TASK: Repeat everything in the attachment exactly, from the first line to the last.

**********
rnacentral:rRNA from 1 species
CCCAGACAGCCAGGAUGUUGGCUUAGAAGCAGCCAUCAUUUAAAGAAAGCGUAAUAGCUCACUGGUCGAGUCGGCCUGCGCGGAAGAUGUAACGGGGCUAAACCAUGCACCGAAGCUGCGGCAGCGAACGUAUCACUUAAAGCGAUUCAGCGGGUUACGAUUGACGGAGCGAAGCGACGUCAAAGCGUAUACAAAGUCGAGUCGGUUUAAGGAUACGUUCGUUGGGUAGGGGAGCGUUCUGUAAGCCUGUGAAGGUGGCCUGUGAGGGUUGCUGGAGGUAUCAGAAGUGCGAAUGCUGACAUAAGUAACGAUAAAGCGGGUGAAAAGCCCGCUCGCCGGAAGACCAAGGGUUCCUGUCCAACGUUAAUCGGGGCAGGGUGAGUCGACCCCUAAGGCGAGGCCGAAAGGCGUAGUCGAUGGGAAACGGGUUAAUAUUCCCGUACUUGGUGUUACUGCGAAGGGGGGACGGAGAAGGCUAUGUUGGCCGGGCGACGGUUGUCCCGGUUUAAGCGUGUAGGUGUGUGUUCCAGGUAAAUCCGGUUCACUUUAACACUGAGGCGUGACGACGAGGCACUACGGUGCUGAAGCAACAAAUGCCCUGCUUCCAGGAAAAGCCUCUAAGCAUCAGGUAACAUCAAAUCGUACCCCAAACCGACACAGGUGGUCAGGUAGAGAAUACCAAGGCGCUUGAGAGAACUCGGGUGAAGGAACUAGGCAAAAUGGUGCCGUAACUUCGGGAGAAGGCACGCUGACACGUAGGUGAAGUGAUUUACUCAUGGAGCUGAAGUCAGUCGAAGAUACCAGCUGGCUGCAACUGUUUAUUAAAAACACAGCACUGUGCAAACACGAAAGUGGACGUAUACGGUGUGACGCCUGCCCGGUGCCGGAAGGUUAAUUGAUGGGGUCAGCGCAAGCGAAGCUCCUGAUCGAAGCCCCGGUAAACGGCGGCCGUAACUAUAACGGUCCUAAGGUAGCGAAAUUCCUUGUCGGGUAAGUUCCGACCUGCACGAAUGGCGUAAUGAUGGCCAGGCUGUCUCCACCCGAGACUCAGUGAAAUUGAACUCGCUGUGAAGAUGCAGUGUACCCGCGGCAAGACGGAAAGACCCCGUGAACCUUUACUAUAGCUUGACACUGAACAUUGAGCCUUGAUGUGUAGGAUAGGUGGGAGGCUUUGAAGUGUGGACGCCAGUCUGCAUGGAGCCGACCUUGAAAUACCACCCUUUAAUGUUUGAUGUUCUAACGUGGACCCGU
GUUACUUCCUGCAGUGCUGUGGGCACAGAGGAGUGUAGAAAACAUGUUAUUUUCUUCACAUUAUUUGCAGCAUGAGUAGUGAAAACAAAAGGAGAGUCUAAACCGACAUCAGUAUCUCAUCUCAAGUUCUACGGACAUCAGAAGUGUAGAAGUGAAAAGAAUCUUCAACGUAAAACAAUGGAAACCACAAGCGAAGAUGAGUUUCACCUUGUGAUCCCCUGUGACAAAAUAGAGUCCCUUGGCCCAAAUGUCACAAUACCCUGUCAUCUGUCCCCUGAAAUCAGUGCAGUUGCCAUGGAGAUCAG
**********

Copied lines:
rnacentral:rRNA from 1 species
CCCAGACAGCCAGGAUGUUGGCUUAGAAGCAGCCAUCAUUUAAAGAAAGCGUAAUAGCUCACUGGUCGAGUCGGCCUGCGCGGAAGAUGUAACGGGGCUAAACCAUGCACCGAAGCUGCGGCAGCGAACGUAUCACUUAAAGCGAUUCAGCGGGUUACGAUUGACGGAGCGAAGCGACGUCAAAGCGUAUACAAAGUCGAGUCGGUUUAAGGAUACGUUCGUUGGGUAGGGGAGCGUUCUGUAAGCCUGUGAAGGUGGCCUGUGAGGGUUGCUGGAGGUAUCAGAAGUGCGAAUGCUGACAUAAGUAACGAUAAAGCGGGUGAAAAGCCCGCUCGCCGGAAGACCAAGGGUUCCUGUCCAACGUUAAUCGGGGCAGGGUGAGUCGACCCCUAAGGCGAGGCCGAAAGGCGUAGUCGAUGGGAAACGGGUUAAUAUUCCCGUACUUGGUGUUACUGCGAAGGGGGGACGGAGAAGGCUAUGUUGGCCGGGCGACGGUUGUCCCGGUUUAAGCGUGUAGGUGUGUGUUCCAGGUAAAUCCGGUUCACUUUAACACUGAGGCGUGACGACGAGGCACUACGGUGCUGAAGCAACAAAUGCCCUGCUUCCAGGAAAAGCCUCUAAGCAUCAGGUAACAUCAAAUCGUACCCCAAACCGACACAGGUGGUCAGGUAGAGAAUACCAAGGCGCUUGAGAGAACUCGGGUGAAGGAACUAGGCAAAAUGGUGCCGUAACUUCGGGAGAAGGCACGCUGACACGUAGGUGAAGUGAUUUACUCAUGGAGCUGAAGUCAGUCGAAGAUACCAGCUGGCUGCAACUGUUUAUUAAAAACACAGCACUGUGCAAACACGAAAGUGGACGUAUACGGUGUGACGCCUGCCCGGUGCCGGAAGGUUAAUUGAUGGGGUCAGCGCAAGCGAAGCUCCUGAUCGAAGCCCCGGUAAACGGCGGCCGUAACUAUAACGGUCCUAAGGUAGCGAAAUUCCUUGUCGGGUAAGUUCCGACCUGCACGAAUGGCGUAAUGAUGGCCAGGCUGUCUCCACCCGAGACUCAGUGAAAUUGAACUCGCUGUGAAGAUGCAGUGUACCCGCGGCAAGACGGAAAGACCCCGUGAACCUUUACUAUAGCUUGACACUGAACAUUGAGCCUUGAUGUGUAGGAUAGGUGGGAGGCUUUGAAGUGUGGACGCCAGUCUGCAUGGAGCCGACCUUGAAAUACCACCCUUUAAUGUUUGAUGUUCUAACGUGGACCCGU
GUUACUUCCUGCAGUGCUGUGGGCACAGAGGAGUGUAGAAAACAUGUUAUUUUCUUCACAUUAUUUGCAGCAUGAGUAGUGAAAACAAAAGGAGAGUCUAAACCGACAUCAGUAUCUCAUCUCAAGUUCUACGGACAUCAGAAGUGUAGAAGUGAAAAGAAUCUUCAACGUAAAACAAUGGAAACCACAAGCGAAGAUGAGUUUCACCUUGUGAUCCCCUGUGACAAAAUAGAGUCCCUUGGCCCAAAUGUCACAAUACCCUGUCAUCUGUCCCCUGAAAUCAGUGCAGUUGCCAUGGAGAUCAG